3.5. Förpartionering för system med flera operativsystem

Partitionering av din disk refererar helt enkelt till processen att dela upp din disk i sektioner. Varje sektion blir då oberoende av de andra. Det är grovt sett likvärdigt med att sätta upp väggar inne i ett hus; om du ställer in möbler i ett rum så påverkar de inte något annat rum.

If you already have an operating system on your system which uses the whole disk and you want to stick Debian on the same disk, you will need to repartition it. Debian requires its own hard disk partitions. It cannot be installed on Windows or Mac OS X partitions. It may be able to share some partitions with other Unix systems, but that's not covered here. At the very least you will need a dedicated partition for the Debian root filesystem.

You can find information about your current partition setup by using a partitioning tool for your current operating system, such as Disk Utility, Drive Setup, HD Toolkit, or MacTools. Partitioning tools always provide a way to show existing partitions without making changes.

Normalt sett så kommer data och filer i ett filsystem på en partition att förstöras om partitionen ändras. Därför bör du alltid göra säkerhetskopior innan du partitionerar om. Om man använder jämförelsen med huset skulle du antagligen vilja flytta ut alla möbler innan väggarna flyttas då de annars riskerar att de förstörs.

Several modern operating systems offer the ability to move and resize certain existing partitions without destroying their contents. This allows making space for additional partitions without losing existing data. Even though this works quite well in most cases, making changes to the partitioning of a disk is an inherently dangerous action and should only be done after having made a full backup of all data.

Creating and deleting partitions can be done from within debian-installer as well as from an existing operating system. As a rule of thumb, partitions should be created by the system for which they are to be used, i.e. partitions to be used by Debian GNU/Linux should be created from within debian-installer and partitions to be used from another operating system should be created from there. debian-installer is capable of creating non-Linux partitions, and partitions created this way usually work without problems when used in other operating systems, but there are a few rare corner cases in which this could cause problems, so if you want to be sure, use the native partitioning tools to create partitions for use by other operating systems.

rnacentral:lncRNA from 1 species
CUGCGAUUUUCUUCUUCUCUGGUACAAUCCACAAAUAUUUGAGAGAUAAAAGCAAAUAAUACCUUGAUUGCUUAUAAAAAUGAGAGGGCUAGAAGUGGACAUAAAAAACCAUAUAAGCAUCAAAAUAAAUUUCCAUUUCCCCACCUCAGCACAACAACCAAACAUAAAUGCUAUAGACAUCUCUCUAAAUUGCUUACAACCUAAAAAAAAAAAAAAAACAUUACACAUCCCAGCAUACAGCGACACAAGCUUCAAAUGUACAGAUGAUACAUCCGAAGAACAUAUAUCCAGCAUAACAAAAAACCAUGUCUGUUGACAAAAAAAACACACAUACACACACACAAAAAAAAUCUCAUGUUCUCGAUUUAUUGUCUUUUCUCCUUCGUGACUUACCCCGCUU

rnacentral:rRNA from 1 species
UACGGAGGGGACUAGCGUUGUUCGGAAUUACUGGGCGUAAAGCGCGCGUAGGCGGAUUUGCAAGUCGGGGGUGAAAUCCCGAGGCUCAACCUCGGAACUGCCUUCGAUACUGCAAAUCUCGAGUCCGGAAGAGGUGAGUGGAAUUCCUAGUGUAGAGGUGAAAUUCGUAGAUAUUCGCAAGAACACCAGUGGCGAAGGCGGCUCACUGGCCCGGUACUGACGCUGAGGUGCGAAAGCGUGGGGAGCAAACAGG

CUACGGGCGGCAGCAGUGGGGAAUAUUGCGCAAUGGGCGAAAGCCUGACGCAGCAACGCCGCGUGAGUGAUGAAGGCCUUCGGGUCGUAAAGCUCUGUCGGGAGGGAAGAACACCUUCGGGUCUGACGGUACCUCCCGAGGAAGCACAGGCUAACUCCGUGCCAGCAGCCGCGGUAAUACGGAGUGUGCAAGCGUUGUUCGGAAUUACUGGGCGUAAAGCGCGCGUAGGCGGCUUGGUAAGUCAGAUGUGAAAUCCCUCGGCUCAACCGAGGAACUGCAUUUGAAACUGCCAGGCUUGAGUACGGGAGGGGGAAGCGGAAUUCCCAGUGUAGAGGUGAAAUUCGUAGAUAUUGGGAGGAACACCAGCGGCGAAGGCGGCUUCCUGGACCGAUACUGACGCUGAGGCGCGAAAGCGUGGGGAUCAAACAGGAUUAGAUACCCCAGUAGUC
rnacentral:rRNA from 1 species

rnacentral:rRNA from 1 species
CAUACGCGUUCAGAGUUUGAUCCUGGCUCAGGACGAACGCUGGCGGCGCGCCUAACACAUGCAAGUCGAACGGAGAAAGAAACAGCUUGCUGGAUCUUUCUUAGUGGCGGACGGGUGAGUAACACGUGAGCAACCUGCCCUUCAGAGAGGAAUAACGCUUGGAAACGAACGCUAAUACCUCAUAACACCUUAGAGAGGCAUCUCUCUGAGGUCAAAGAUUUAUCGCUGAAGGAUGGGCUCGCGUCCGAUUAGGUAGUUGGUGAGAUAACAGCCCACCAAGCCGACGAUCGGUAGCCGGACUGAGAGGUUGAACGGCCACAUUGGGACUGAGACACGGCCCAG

If you are going to install more than one operating system on the same machine, you should install all other system(s) before proceeding with the Debian installation. Windows and other OS installations may destroy your ability to start Debian, or encourage you to reformat non-native partitions.

Du kan oftast reparera eventuella fel som uppstår efter de här åtgärderna eller undvika att felen uppstår, men att installera det ursprungliga systemet först besparar dig troligen en hel del problem.

In order for OpenFirmware to automatically boot Debian GNU/Linux the Linux partitions should appear before all other partitions on the disk, especially Mac OS X boot partitions. This should be kept in mind when pre-partitioning; you should create a Linux placeholder partition to come before the other bootable partitions on the disk. (The small partitions dedicated to Apple disk drivers are not bootable.) You can delete the placeholder with the Debian partition tools later during the actual install, and replace it with Linux partitions.

3.5.1. Mac OS X Partitioning

The Disk Utility application can be found under the Utilities menu in Mac OS X Installer. It will not adjust existing partitions; it is limited to partitioning the entire disk at once.

Kom ihåg att skapa en tom partition för GNU/Linux, helst placerad först i disklayouten. Det spelar ingen roll vilken typ det är, den kommer att tas bort och ersättas senare av Debian GNU/Linuxs installationsprogram.

Debian installer partition table editing tools are compatible with OS X, but not with MacOS 9. If you are planning to use both MacOS 9 and OS X, it is best to install OS X and Debian on one hard drive, and put MacOS 9 on a separate hard drive. Separate options for OS 9 and OS X will appear when holding the option key at boot time, and separate options can be installed in the yaboot boot menu as well.

GNU/Linux is unable to access information on UFS partitions, but can access HFS+ (aka MacOS Extended) partitions. OS X requires one of these two types for its boot partition. MacOS 9 can be installed on either HFS (aka MacOS Standard) or HFS+. To share information between the Mac OS X and GNU/Linux systems, an exchange partition is handy. HFS, HFS+ and MS-DOS FAT file systems are supported by MacOS 9, Mac OS X and GNU/Linux.